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FedExCup update: Jubilation, heartbreak defines the top 50 headed to the BMW Championship

FedExCup update: Jubilation, heartbreak defines the top 50 headed to the BMW Championship

MEMPHIS, Tenn. – Hideki Matsuyama bounds through the TPC Southwind clubhouse, the momentum of his final six holes carrying him forward. Three birdies and an eagle in the gasping moments of Matsuyama’s season launched him from the brink of elimination to inside the top 50 bubble.

Matsuyama knows it. So does his manager Bob Turner, who swings his arm around his client as he finally catches up to him. The two let out a euphoric cheer as they strut into the locker room.

It was as though Matsuyama had just won the tournament – and in his own way, he did. He had yet to miss a TOUR Championship in his career. His closing stretch assured that streak continued. Job accomplished.

Not 50 yards away stood Nick Hardy. He was enjoying a similar run to Matsuyama, with three birdies in his last five holes before he stepped on the 18th hole. His demeanor was much different.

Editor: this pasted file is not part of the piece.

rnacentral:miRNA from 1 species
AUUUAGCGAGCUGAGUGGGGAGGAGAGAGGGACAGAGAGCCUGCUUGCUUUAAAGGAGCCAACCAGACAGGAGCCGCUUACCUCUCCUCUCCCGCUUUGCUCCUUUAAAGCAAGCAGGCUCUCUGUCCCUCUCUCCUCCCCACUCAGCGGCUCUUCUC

Matsuyama needed a par on the difficult closing hole to secure his Playoffs spot. He got it. Hardy needed another birdie. His tee shot found the water.

“Just sucks, I mean it really sucks,” said Hardy, choking back tears as he recounted the final-hole bogey that dropped him to 52nd in the FedExCup standings.

Matsuyama’s season continues. Hardy’s is over. Jubilation and heartbreak.

Those are the margins that make up the FedExCup Playoffs. Seventy players arrived at TPC Southwind but only 50 advanced to the BMW Championship, keeping their season alive and qualifying for next year’s slate of Signature Events. The bowels of the clubhouse were where players learned their fate. A mix of ear-to-ear smiles and faces hidden by sweat-drenched towels.

Matsuyama was one of two to play their way in, alongside Cam Davis. Outside the top 60 after bogeying the 12th, Matsuyama birdied the 13th and 15th. Then after a short weather delay, he eagled the 16th, sticking his approach to 9 feet on the gettable par 5, then birdied the 17th to resuscitate his chances.

“During the suspended play, I looked and saw what I needed to do on the final three holes,” he said. “Especially at 18, I looked up and saw I was 47th on the FedExCup list, which made that approach shot really difficult. I’m just happy that I was able to get it up-and-down.”

Usually a three out of 10 difficulty, Matsuyama said the chip felt more like an eight or nine out of 10 given the circumstances.

He wasn’t the only one to stare at leaderboards on the back nine. Mackenzie Hughes was trying not to, but inevitably as he stood over…


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